If you stumbled across this site, you may or may not be aware of the raging string debate in the guitar industry.
Players from across the globe are constantly bickering about the qualities and properties of various strings, and with the mounds of information available to consumers, it can sometimes be difficult to pick out which strings will best suit your purposes.
To aid in your research, we continue on our saga to compile basic string reviews about a variety of different products; this edition will focus on the Dean Markley Blue Steels.
Table Of Contents
Sound and Feel
To the uninformed observer, most strings seem to sound and feel fairly identical. After all, how much difference to the sound could the exact type of strings actually make?
The answer is quite a bit, as the Dean Markley Blue Steels prove. This fantastic string set provides a very balanced sound; the highs are bright but avoid becoming overly treble-heavy and bright, while the lows grant warmth without the ability to overpower the highs.
As one could imagine, the superior balance these strings offer works well for acoustic rock or blues sounds, but if you’re interested in playing something rather melodic or are in need of punchy higher strings, the Dean Markley Blue Steels may not be the string for you.
For the rest of the world, however, the sound quality of the Blue Steels is perfectly suitable.
While the sound is definitely a strong suit for the Blue Steels, it’s actually their feel that most distinguishes them from other strings.
Many consumers find the Blues Steels to be easier on their hands; the strings are “soft” and therefore they’re easier to play, especially for beginners or guitarists whose calluses aren’t as developed.
Basic Construction and Durability
Interestingly enough, the construction of the Blue Steels varies substantially from comparable strings.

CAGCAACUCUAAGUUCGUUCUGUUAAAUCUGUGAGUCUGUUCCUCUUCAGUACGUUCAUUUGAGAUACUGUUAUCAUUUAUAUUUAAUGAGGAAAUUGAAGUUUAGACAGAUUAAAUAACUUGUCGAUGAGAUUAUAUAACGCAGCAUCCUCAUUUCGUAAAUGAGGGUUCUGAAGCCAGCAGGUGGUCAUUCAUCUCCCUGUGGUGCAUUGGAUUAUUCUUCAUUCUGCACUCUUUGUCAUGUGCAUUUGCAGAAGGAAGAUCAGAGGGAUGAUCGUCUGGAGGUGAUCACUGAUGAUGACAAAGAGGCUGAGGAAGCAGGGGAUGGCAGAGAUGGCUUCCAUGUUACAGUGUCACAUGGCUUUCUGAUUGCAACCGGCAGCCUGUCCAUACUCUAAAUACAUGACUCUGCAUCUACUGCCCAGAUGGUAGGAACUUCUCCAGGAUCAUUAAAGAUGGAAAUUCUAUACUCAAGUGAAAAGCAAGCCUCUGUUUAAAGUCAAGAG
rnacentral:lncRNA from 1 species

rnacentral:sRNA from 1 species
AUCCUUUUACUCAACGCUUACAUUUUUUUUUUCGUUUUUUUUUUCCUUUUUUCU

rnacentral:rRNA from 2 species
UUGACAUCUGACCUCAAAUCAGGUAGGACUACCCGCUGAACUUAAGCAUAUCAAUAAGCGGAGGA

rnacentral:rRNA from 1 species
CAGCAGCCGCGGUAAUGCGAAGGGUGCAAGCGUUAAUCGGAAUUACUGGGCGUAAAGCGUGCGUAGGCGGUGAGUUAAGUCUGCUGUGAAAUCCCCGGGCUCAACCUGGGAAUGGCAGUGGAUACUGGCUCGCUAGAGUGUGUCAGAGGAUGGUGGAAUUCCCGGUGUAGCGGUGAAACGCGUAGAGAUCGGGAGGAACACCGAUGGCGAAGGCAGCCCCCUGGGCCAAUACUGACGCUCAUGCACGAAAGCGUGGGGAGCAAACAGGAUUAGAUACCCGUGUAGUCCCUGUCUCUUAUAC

The strings are marketed as “cryogenically activated”, which isn’t a reference to a science-fiction movie but instead a technique used to change up the feel of the strings.
After the 92% copper and 8% zinc strings are finished being constructed, they’re blasted with frozen nitrogen at roughly -320 ºF.
This helps to remove small gaps and inconsistencies in the string, allowing for maximum performance and consistency.
In addition to improving the sound quality, the cryogenic treatment most definitely enhances the durability of these strings.
Players report the Blue Steels lasting for much longer than your average string(Although not as long as coated Elixirs).
That being said, professionals or anyone on the road will still likely want to order several packs in order to maintain the most professional tone at all times.
Tuning and Intonation
According to the reports put out by Dean Markley, the cryogenic activation actually makes the strings stay in tune for longer as well.
While this is definitely a great selling point for the strings, you will need to keep in mind that the ability for the strings to stay in tune is strongly related to the actual guitar the strings will be played on.
For this reason, be sure to regard reports on tuning accuracy with a grain of salt.
Price and Availability
One of the nice things about the Dean Markley Blue Steels is the massive availability of these strings.
Guitarists looking to pick up a pack of these strings can probably find them at their local mom and pop store, and could even pick them up at a big-box retailer.
Furthermore, the strings are widely available online; both general online marketplaces and specific music retailers carry a large stock of these strings and sell them at a reasonable price.
Speaking of price, the retail price point of these strings is another one of the stronger suits of the Blue Steels.
While you shouldn’t ever have to pay more than $10 for a pack of these strings, through most retailers you can find the Blue Steels for as little as $5-6 per pack.
Seeing as most other strings at $5 a pack isn’t nearly as high quality, that makes the Blue Steels one of the best values available today.